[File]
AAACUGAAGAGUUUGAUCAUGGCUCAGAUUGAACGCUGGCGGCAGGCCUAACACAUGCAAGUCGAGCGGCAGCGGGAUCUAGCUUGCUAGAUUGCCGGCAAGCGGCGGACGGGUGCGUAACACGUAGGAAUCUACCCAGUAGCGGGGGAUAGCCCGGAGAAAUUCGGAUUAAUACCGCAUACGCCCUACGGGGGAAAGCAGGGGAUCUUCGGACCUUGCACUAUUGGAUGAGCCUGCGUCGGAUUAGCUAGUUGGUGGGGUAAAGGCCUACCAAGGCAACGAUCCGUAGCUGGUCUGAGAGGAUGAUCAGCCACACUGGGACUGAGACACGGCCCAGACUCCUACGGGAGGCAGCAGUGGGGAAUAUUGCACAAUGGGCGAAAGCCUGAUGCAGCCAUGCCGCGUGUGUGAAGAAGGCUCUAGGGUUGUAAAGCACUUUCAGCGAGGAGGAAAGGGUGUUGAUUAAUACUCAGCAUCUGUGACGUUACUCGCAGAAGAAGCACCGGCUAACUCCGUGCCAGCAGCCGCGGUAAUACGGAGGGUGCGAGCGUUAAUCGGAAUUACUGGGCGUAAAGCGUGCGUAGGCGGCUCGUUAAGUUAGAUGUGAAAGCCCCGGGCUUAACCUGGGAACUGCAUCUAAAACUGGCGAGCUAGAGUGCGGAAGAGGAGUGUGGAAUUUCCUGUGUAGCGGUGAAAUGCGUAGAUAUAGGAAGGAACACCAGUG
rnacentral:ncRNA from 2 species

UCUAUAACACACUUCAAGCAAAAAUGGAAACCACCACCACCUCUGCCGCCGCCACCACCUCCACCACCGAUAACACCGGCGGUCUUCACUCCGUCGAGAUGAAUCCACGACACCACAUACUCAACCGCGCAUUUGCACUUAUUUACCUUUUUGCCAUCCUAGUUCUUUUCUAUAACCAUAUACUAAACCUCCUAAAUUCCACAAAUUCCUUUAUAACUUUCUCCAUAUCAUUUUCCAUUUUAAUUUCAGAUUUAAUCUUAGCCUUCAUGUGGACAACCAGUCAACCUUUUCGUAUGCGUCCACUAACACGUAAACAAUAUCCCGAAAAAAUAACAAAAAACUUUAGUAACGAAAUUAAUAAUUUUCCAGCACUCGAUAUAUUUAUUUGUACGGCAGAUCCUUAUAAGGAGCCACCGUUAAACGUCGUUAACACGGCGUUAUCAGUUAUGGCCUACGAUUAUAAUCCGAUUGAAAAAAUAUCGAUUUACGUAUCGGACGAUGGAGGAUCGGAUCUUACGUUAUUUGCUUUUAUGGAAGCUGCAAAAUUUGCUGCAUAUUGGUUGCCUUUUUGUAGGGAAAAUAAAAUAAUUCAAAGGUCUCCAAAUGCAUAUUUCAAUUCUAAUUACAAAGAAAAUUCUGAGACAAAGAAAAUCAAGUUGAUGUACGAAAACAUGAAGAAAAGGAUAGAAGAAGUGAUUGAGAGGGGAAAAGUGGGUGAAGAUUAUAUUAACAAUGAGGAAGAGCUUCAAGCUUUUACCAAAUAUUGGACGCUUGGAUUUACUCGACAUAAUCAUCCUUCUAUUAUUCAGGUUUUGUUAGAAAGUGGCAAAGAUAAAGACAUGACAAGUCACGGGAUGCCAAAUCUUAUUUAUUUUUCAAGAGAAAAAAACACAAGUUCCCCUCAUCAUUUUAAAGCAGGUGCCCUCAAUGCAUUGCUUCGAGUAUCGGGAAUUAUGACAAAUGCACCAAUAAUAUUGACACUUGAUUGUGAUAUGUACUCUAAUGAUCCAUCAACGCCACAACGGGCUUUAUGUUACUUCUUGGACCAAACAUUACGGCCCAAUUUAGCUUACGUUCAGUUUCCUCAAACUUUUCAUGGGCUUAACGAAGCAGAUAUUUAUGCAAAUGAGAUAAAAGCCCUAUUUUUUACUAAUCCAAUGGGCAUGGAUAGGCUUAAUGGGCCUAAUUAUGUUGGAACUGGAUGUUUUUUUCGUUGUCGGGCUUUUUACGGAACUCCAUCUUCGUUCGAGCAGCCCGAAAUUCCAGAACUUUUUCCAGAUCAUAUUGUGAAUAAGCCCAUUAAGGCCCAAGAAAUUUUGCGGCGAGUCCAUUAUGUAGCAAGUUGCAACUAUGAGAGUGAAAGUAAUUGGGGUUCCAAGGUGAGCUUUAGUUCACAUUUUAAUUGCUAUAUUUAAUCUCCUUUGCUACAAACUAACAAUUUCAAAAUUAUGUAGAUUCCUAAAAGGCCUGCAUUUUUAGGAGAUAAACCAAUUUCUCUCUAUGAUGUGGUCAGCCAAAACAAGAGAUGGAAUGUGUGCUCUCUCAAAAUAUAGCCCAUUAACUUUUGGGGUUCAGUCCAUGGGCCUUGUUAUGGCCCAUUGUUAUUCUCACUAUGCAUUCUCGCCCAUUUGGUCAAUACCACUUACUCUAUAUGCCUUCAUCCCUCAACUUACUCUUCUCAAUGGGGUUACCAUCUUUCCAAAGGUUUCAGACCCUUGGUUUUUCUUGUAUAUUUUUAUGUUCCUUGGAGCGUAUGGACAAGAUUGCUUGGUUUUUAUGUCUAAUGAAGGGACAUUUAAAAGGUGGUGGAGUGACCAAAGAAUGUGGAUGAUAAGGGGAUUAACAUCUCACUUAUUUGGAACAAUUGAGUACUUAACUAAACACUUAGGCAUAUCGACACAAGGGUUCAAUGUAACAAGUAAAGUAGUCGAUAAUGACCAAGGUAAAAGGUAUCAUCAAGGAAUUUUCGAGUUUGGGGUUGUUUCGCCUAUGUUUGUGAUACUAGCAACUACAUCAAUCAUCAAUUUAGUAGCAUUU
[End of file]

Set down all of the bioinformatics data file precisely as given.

AAACUGAAGAGUUUGAUCAUGGCUCAGAUUGAACGCUGGCGGCAGGCCUAACACAUGCAAGUCGAGCGGCAGCGGGAUCUAGCUUGCUAGAUUGCCGGCAAGCGGCGGACGGGUGCGUAACACGUAGGAAUCUACCCAGUAGCGGGGGAUAGCCCGGAGAAAUUCGGAUUAAUACCGCAUACGCCCUACGGGGGAAAGCAGGGGAUCUUCGGACCUUGCACUAUUGGAUGAGCCUGCGUCGGAUUAGCUAGUUGGUGGGGUAAAGGCCUACCAAGGCAACGAUCCGUAGCUGGUCUGAGAGGAUGAUCAGCCACACUGGGACUGAGACACGGCCCAGACUCCUACGGGAGGCAGCAGUGGGGAAUAUUGCACAAUGGGCGAAAGCCUGAUGCAGCCAUGCCGCGUGUGUGAAGAAGGCUCUAGGGUUGUAAAGCACUUUCAGCGAGGAGGAAAGGGUGUUGAUUAAUACUCAGCAUCUGUGACGUUACUCGCAGAAGAAGCACCGGCUAACUCCGUGCCAGCAGCCGCGGUAAUACGGAGGGUGCGAGCGUUAAUCGGAAUUACUGGGCGUAAAGCGUGCGUAGGCGGCUCGUUAAGUUAGAUGUGAAAGCCCCGGGCUUAACCUGGGAACUGCAUCUAAAACUGGCGAGCUAGAGUGCGGAAGAGGAGUGUGGAAUUUCCUGUGUAGCGGUGAAAUGCGUAGAUAUAGGAAGGAACACCAGUG
rnacentral:ncRNA from 2 species

UCUAUAACACACUUCAAGCAAAAAUGGAAACCACCACCACCUCUGCCGCCGCCACCACCUCCACCACCGAUAACACCGGCGGUCUUCACUCCGUCGAGAUGAAUCCACGACACCACAUACUCAACCGCGCAUUUGCACUUAUUUACCUUUUUGCCAUCCUAGUUCUUUUCUAUAACCAUAUACUAAACCUCCUAAAUUCCACAAAUUCCUUUAUAACUUUCUCCAUAUCAUUUUCCAUUUUAAUUUCAGAUUUAAUCUUAGCCUUCAUGUGGACAACCAGUCAACCUUUUCGUAUGCGUCCACUAACACGUAAACAAUAUCCCGAAAAAAUAACAAAAAACUUUAGUAACGAAAUUAAUAAUUUUCCAGCACUCGAUAUAUUUAUUUGUACGGCAGAUCCUUAUAAGGAGCCACCGUUAAACGUCGUUAACACGGCGUUAUCAGUUAUGGCCUACGAUUAUAAUCCGAUUGAAAAAAUAUCGAUUUACGUAUCGGACGAUGGAGGAUCGGAUCUUACGUUAUUUGCUUUUAUGGAAGCUGCAAAAUUUGCUGCAUAUUGGUUGCCUUUUUGUAGGGAAAAUAAAAUAAUUCAAAGGUCUCCAAAUGCAUAUUUCAAUUCUAAUUACAAAGAAAAUUCUGAGACAAAGAAAAUCAAGUUGAUGUACGAAAACAUGAAGAAAAGGAUAGAAGAAGUGAUUGAGAGGGGAAAAGUGGGUGAAGAUUAUAUUAACAAUGAGGAAGAGCUUCAAGCUUUUACCAAAUAUUGGACGCUUGGAUUUACUCGACAUAAUCAUCCUUCUAUUAUUCAGGUUUUGUUAGAAAGUGGCAAAGAUAAAGACAUGACAAGUCACGGGAUGCCAAAUCUUAUUUAUUUUUCAAGAGAAAAAAACACAAGUUCCCCUCAUCAUUUUAAAGCAGGUGCCCUCAAUGCAUUGCUUCGAGUAUCGGGAAUUAUGACAAAUGCACCAAUAAUAUUGACACUUGAUUGUGAUAUGUACUCUAAUGAUCCAUCAACGCCACAACGGGCUUUAUGUUACUUCUUGGACCAAACAUUACGGCCCAAUUUAGCUUACGUUCAGUUUCCUCAAACUUUUCAUGGGCUUAACGAAGCAGAUAUUUAUGCAAAUGAGAUAAAAGCCCUAUUUUUUACUAAUCCAAUGGGCAUGGAUAGGCUUAAUGGGCCUAAUUAUGUUGGAACUGGAUGUUUUUUUCGUUGUCGGGCUUUUUACGGAACUCCAUCUUCGUUCGAGCAGCCCGAAAUUCCAGAACUUUUUCCAGAUCAUAUUGUGAAUAAGCCCAUUAAGGCCCAAGAAAUUUUGCGGCGAGUCCAUUAUGUAGCAAGUUGCAACUAUGAGAGUGAAAGUAAUUGGGGUUCCAAGGUGAGCUUUAGUUCACAUUUUAAUUGCUAUAUUUAAUCUCCUUUGCUACAAACUAACAAUUUCAAAAUUAUGUAGAUUCCUAAAAGGCCUGCAUUUUUAGGAGAUAAACCAAUUUCUCUCUAUGAUGUGGUCAGCCAAAACAAGAGAUGGAAUGUGUGCUCUCUCAAAAUAUAGCCCAUUAACUUUUGGGGUUCAGUCCAUGGGCCUUGUUAUGGCCCAUUGUUAUUCUCACUAUGCAUUCUCGCCCAUUUGGUCAAUACCACUUACUCUAUAUGCCUUCAUCCCUCAACUUACUCUUCUCAAUGGGGUUACCAUCUUUCCAAAGGUUUCAGACCCUUGGUUUUUCUUGUAUAUUUUUAUGUUCCUUGGAGCGUAUGGACAAGAUUGCUUGGUUUUUAUGUCUAAUGAAGGGACAUUUAAAAGGUGGUGGAGUGACCAAAGAAUGUGGAUGAUAAGGGGAUUAACAUCUCACUUAUUUGGAACAAUUGAGUACUUAACUAAACACUUAGGCAUAUCGACACAAGGGUUCAAUGUAACAAGUAAAGUAGUCGAUAAUGACCAAGGUAAAAGGUAUCAUCAAGGAAUUUUCGAGUUUGGGGUUGUUUCGCCUAUGUUUGUGAUACUAGCAACUACAUCAAUCAUCAAUUUAGUAGCAUUU